With the region’s population projected to push towards 200,000, infrastructure can be expected to loom as a major issue throughout the election campaign.

“We are not really looking long term at how we set Ballarat up to be as resilient and as equitable to the majority of our residents as it can be,” said John Barnes of the Ballarat Residents and Ratepayers Association.

“Things like a good urban bus service, good rail links to Melbourne, good regional bus services to other cities — perhaps even opening up rail lines between Ballarat and Geelong, and Ballarat and Bendigo,” said Barnes.


The Mayor of Moorabool Shire, Allan Comrie, cites a proposed agribusiness precinct at Parwan that is expected to deliver 1195 jobs for the Bacchus Marsh area as the shire’s highest priority infrastructure project. However, he said works to connect vital utilities to the precinct have not, as yet, been supported by funding commitments from political leaders.

Nevertheless, the chair of the Committee for Ballarat, Janet Dore, thinks Ballarat has the potential to grow jobs in sectors specific to the region.

“I think it’s around agribusiness and resource recovery. Resource recovery, waste to energy — there’s a whole lot of great technology out there that we should be able to pick up on.”

The region’s main employers are in the education sector, health and transport services, along with food manufacturers Mars and McCain, brick company Selkirks and paint manufacturer Haymes.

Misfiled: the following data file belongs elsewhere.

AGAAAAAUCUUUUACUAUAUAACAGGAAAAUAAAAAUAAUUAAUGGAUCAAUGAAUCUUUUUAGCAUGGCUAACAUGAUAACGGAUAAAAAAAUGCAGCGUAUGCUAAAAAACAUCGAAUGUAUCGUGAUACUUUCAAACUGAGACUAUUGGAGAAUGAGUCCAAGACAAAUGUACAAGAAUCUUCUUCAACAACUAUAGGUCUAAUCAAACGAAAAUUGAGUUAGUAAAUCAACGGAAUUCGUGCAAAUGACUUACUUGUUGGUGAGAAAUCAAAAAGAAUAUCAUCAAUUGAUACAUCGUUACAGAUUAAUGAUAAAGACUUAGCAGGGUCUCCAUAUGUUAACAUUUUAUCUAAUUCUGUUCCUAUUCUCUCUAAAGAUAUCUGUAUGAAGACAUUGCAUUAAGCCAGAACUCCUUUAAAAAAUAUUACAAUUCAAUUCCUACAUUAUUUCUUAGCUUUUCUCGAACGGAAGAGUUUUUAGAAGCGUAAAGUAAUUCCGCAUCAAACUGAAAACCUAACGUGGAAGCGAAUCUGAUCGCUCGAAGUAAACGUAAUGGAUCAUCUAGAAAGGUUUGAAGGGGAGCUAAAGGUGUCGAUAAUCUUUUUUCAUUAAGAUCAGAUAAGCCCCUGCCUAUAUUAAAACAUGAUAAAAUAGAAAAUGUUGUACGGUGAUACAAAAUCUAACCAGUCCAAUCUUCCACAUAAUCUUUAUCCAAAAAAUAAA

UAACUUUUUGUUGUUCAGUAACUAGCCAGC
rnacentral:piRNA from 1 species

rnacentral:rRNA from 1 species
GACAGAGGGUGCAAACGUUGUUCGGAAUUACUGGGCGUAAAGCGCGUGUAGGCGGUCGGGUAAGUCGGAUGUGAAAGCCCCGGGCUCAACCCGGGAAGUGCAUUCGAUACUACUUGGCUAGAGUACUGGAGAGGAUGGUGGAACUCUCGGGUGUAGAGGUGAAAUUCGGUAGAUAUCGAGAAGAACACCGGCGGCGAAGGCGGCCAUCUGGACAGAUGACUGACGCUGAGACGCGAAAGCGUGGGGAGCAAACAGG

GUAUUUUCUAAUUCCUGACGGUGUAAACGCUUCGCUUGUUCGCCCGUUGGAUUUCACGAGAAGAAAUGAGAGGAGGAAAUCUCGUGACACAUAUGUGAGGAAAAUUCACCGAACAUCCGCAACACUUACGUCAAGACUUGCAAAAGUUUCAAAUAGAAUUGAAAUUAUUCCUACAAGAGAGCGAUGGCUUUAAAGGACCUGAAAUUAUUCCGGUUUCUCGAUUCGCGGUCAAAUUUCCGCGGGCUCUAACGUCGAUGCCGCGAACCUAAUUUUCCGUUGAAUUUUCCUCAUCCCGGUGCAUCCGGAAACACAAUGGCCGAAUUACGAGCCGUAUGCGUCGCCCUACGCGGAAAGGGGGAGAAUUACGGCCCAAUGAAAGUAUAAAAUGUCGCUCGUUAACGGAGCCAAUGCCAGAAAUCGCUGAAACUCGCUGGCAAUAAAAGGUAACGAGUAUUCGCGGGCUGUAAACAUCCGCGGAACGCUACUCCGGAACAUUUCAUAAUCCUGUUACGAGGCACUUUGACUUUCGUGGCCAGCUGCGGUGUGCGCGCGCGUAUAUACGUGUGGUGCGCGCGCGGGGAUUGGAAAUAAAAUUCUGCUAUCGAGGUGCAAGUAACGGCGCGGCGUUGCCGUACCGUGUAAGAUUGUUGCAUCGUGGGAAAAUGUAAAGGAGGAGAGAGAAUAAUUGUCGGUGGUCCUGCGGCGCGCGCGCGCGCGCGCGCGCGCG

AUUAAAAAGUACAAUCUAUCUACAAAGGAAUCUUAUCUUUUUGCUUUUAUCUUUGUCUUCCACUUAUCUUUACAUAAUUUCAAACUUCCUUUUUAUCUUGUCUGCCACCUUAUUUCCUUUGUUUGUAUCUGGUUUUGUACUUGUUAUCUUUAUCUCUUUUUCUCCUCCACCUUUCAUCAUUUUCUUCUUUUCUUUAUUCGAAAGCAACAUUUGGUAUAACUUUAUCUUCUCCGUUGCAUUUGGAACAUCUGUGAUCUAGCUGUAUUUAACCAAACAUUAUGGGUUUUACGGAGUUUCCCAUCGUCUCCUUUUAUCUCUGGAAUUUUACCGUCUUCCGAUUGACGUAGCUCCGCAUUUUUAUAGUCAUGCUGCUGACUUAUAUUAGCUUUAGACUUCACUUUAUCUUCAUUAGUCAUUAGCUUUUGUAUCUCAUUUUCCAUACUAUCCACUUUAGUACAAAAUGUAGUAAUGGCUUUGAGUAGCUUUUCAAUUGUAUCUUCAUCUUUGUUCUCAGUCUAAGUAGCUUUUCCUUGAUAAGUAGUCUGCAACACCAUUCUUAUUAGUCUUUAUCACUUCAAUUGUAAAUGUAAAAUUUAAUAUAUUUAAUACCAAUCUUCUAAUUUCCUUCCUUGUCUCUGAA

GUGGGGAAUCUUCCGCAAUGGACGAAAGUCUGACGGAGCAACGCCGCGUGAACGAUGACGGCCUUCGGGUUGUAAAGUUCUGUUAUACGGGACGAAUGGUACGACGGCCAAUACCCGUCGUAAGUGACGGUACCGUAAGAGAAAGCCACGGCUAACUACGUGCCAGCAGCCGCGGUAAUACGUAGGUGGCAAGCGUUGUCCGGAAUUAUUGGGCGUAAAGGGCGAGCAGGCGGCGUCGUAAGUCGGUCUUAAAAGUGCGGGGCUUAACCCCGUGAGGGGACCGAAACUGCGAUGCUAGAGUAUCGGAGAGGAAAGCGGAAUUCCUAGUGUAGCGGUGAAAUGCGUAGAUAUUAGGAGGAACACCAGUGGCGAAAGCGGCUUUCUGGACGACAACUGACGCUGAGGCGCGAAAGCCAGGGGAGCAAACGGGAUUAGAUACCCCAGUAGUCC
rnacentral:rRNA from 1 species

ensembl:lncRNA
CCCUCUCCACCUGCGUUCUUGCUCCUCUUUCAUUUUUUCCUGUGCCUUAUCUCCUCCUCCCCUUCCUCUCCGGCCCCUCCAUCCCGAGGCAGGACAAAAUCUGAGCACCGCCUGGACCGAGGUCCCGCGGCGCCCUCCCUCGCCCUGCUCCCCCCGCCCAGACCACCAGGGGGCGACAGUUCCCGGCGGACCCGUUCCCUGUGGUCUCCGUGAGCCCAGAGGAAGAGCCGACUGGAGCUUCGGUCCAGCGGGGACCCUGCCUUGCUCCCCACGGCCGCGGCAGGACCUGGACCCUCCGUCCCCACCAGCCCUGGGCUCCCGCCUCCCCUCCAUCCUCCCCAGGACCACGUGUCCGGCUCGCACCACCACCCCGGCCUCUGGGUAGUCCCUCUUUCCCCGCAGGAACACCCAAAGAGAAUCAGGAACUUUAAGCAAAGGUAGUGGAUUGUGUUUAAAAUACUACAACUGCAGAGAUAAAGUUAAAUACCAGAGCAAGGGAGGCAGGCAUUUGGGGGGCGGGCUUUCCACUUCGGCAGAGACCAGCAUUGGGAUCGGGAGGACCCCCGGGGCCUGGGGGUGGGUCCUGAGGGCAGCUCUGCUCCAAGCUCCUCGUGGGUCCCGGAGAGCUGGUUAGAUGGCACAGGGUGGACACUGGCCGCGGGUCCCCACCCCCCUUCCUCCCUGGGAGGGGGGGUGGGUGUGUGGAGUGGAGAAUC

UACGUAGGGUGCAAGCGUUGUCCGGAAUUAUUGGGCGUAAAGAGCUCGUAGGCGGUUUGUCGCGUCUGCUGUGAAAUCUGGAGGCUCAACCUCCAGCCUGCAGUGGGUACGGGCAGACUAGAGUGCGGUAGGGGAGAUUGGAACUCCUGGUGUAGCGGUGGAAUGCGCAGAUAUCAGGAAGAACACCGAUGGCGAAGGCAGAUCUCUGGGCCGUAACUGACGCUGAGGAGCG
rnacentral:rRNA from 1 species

Attracting small businesses to the region will also be key to sustaining growth over the long term, say community leaders.

“We need to find ways to give incentives to businesses to relocate,” said Ms Dore. “I think we’re going to have a lot more artisan-type operations. The ‘millennials’ are showing with their feet that they’ll come and operate from a place like this because they want lifestyle, they want opportunity,” she said. 

Young couple Zoe Cleverdon and James Newton recently moved to Ballarat from Melbourne.

“I said I was happy to move away from Melbourne, but it had to be an adventure for the both of us,” said Ms Cleverdon. “We did some research and Ballarat seemed perfect. Two years later, seven other friends have have also relocated.”

Ms Cleverdon has set up a vegan and gluten-free cake business.

“The city council was really helpful in setting up all the registrations. I think if I had started in Melbourne I may have been overwhelmed,” she said. “Ballarat seemed easier somehow.”

► A version of this story also appears at Unipollwatch.

About The Citizen

THE CITIZEN is a publication of the Centre for Advancing Journalism. It has several aims. Foremost, it is a teaching tool that showcases the work of the students in the University of Melbourne’s Master of Journalism and Master of International Journalism programs, giving them real-world experience in working for publication and to deadline. Find out more →